While most of us were perfectly willing to accept the sight of Vin Diesel chasing a bouncing bomb through the streets of Rome, even the most willingly suspended disbelief may falter when faced with Eve Hewson breezily progressing to barre chords in only her second online guitar lesson (it could be in the genes). But prodigious axe-talents aside, Hewson’s Flora is floundering when we meet her in John Carney’s latest musically-infused, Dublin-set dramedy.
A young single mother with a son who divides his time between petty theft and attempting to drop sick beats, Flora’s parenting style is an exasperated cocktail of furious C-bombs and resentful avoidance. Largely unsupported by her musician ex-husband (Jack Reynor, all about that bass), we find her consumed with self-loathing as she toils as a nanny (snaffling unwatched tenners from her employer’s purse) and spends boozy nights in scuzzy Dublin clubs.
An unlikely lifeline emerges when, having forgotten Max’s birthday, she swipes a discarded guitar from a pile of junk and tries to pass it off as a belated present. Max balks at this attempt to turn his hip-hoppity self into “Ed Fookin’ Sheeran” so, in a fit of pique, Flora sets out to learn the ways of the pick herself. A trawl of YouTube leads her to the folksy charms of Jeff, an online guitar teacher who takes her on a journey of musical discovery.
Having flashed her comic credentials in last year's Bad Sisters, Hewson shines here.
Carney has a long history of bringing souls together through the transcendent power of music, so it’s hardly a spoiler to say that Flora’s lessons quickly become more than a simple education in chord shapes and rock ballads. But this isn’t quite the Meatloaf-cute it pretends to be. Yes, Flora’s chaotic and wildly inappropriate approach to learning (we suspect JustinGuitar’s never been asked to repeat a riff with his top off) does eventually win Jeff over, but their sessions — in which Jeff materialises in the room, providing far more intimacy and visual interest than a flirty FaceTime — prove less a seduction via the pentatonic scale than trauma therapy with added fretwork.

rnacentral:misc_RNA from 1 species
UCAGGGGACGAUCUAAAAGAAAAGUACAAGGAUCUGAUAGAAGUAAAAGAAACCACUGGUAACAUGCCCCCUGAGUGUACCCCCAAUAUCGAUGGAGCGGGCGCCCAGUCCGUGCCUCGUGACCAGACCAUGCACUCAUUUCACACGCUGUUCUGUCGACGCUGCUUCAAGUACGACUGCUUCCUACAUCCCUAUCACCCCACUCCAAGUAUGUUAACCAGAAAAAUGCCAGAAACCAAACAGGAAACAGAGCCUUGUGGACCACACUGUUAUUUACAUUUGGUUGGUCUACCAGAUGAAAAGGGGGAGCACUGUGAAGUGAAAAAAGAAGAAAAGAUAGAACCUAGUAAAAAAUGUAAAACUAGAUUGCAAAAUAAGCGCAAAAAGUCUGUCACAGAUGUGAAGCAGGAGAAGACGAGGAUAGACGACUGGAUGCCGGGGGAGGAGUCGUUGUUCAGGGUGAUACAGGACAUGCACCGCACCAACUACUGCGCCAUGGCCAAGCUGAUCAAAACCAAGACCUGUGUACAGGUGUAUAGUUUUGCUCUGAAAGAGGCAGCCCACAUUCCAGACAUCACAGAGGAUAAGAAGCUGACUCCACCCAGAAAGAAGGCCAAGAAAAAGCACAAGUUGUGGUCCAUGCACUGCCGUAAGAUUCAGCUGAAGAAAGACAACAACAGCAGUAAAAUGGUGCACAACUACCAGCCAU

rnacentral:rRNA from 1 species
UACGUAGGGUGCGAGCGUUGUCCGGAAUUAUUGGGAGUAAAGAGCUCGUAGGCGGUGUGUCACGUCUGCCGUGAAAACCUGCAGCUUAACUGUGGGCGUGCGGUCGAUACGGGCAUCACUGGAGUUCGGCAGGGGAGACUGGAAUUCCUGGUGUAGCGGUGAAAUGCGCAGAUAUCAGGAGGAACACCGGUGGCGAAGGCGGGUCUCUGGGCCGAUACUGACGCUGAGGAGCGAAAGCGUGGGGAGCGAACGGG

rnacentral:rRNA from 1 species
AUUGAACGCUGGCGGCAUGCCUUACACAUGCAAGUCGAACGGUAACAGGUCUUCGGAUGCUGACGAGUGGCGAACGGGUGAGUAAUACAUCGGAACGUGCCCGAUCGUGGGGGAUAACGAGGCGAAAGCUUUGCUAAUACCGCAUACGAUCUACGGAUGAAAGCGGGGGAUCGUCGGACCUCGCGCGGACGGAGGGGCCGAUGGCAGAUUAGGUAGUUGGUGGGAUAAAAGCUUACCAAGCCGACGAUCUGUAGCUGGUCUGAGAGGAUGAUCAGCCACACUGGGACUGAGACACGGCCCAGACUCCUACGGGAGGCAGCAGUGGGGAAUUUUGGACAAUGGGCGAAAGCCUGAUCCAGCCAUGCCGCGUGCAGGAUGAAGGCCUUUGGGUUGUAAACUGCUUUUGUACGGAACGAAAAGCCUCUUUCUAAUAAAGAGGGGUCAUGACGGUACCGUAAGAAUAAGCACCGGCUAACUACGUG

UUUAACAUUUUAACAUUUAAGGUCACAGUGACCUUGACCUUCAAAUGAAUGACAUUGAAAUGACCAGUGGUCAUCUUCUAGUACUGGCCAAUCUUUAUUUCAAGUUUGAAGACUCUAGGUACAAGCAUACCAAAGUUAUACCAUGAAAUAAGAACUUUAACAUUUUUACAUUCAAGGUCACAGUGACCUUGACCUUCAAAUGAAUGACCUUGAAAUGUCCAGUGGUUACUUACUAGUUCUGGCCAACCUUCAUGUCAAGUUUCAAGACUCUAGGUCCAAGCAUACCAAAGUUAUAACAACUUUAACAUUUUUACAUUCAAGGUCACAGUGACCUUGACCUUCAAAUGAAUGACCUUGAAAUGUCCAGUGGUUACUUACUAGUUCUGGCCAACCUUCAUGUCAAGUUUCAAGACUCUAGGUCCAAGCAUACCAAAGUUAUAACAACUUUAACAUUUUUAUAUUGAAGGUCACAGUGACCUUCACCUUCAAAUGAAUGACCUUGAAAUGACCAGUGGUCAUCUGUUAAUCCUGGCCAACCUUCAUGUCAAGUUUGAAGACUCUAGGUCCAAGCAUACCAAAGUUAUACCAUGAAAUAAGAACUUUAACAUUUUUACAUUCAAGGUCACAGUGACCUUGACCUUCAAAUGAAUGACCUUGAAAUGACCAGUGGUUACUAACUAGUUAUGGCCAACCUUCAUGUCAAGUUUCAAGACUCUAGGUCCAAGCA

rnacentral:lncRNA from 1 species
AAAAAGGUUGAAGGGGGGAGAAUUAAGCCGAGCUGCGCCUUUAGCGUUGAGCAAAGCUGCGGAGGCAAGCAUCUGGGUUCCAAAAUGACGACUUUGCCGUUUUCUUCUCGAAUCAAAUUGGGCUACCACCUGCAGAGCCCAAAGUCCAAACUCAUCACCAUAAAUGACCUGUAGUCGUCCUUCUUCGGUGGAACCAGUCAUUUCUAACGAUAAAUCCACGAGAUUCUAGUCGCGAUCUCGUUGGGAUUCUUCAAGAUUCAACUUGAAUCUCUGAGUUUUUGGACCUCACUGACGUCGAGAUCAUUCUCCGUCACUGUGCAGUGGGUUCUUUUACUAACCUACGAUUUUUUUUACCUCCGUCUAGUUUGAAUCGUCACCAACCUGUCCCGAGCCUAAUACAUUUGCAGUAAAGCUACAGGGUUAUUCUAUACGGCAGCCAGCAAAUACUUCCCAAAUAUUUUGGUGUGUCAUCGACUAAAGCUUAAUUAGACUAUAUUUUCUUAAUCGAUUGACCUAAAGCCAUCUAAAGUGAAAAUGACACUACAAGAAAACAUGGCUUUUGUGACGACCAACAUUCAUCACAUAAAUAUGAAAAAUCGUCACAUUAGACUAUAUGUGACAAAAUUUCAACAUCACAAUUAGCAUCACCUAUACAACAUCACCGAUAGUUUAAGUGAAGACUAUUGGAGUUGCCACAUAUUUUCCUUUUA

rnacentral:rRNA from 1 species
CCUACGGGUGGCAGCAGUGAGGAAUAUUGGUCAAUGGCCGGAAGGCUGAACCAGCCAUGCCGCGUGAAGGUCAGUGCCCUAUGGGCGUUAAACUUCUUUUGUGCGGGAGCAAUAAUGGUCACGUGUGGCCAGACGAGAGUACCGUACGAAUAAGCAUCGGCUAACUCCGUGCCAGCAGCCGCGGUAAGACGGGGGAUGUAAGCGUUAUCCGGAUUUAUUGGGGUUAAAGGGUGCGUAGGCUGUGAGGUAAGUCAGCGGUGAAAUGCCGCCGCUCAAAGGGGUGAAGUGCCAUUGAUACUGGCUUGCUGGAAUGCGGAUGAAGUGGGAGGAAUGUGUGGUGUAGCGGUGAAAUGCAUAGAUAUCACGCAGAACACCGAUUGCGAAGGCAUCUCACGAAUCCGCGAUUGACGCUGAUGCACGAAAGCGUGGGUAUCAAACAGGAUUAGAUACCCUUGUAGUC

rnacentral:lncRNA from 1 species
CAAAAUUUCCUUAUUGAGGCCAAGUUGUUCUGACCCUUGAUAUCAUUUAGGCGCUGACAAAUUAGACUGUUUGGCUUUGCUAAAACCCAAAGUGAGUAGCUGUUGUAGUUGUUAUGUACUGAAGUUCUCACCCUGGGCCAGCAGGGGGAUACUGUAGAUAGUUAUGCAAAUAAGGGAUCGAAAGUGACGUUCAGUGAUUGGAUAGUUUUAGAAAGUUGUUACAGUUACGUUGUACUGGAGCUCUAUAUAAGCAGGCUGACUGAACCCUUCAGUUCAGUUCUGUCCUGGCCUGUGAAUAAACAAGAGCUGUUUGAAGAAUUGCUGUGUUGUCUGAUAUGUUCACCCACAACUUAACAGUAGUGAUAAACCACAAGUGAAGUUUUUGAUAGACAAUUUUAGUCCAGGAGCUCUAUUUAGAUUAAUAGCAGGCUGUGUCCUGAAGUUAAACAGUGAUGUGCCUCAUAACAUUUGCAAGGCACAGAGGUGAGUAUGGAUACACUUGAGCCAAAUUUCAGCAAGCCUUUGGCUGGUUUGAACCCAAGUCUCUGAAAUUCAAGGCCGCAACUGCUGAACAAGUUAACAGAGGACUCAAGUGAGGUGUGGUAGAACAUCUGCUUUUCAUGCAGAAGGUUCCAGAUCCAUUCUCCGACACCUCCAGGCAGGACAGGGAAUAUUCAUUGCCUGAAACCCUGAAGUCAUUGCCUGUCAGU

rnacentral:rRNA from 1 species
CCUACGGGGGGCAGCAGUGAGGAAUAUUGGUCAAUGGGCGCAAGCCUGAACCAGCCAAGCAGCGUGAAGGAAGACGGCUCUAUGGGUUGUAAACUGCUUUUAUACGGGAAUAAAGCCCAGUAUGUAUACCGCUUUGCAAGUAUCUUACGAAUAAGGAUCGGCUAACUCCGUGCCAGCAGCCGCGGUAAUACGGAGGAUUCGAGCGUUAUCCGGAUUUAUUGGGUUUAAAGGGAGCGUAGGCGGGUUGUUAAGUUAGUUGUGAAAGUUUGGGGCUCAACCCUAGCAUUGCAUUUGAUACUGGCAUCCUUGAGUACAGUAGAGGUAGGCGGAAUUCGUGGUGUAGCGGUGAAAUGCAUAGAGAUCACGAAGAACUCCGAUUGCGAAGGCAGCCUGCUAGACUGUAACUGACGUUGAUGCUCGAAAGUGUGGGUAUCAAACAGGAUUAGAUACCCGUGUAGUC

Carney’s tune, in which music is the gateway to self-discovery, is a familiar one by this point, but Hewson nails her solos with Hendrix-like precision. Flora’s proclivity for blunt (and Blunt!) musical commentary effectively invigorates her lessons, a caustic, hard-edged performance keeping the more saccharine elements at bay, while instilling Flora with an honest vulnerability. Having already flashed her comic credentials in last year’s Bad Sisters, Hewson shines here, comfortably sliding from a tear-streaked appreciation of Joni Mitchell to forensic discussion of blowjob technique without missing a beat.
Gordon-Levitt gives a suitably sympathetic and tender turn as failed musician Jeff, but it’s Hewson’s scenes with Kinlan that prove the stand outs. Authentic, unvarnished and as touching as they are funny, the pair’s sweary clashes gradually give way to common ground as the film, true to its title, reveals its real emotional heart.